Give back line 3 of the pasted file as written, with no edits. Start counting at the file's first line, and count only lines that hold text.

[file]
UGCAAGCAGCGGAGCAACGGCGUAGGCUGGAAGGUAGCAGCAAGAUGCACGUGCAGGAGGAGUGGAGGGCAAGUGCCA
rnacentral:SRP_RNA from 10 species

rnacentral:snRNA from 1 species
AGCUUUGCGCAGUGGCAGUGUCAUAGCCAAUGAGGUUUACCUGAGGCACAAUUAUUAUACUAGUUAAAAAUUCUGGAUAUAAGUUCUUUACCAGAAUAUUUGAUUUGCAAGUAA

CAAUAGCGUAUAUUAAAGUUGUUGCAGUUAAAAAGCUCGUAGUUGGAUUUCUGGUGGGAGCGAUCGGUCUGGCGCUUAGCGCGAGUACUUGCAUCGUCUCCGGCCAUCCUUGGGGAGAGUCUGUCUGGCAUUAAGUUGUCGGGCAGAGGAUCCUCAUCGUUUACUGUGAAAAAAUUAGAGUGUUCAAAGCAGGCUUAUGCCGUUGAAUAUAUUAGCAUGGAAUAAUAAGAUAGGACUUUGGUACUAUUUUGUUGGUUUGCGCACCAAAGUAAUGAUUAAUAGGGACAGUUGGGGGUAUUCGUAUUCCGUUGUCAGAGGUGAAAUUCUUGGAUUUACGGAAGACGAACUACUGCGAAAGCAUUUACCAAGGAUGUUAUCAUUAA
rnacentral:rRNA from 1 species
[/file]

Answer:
rnacentral:snRNA from 1 species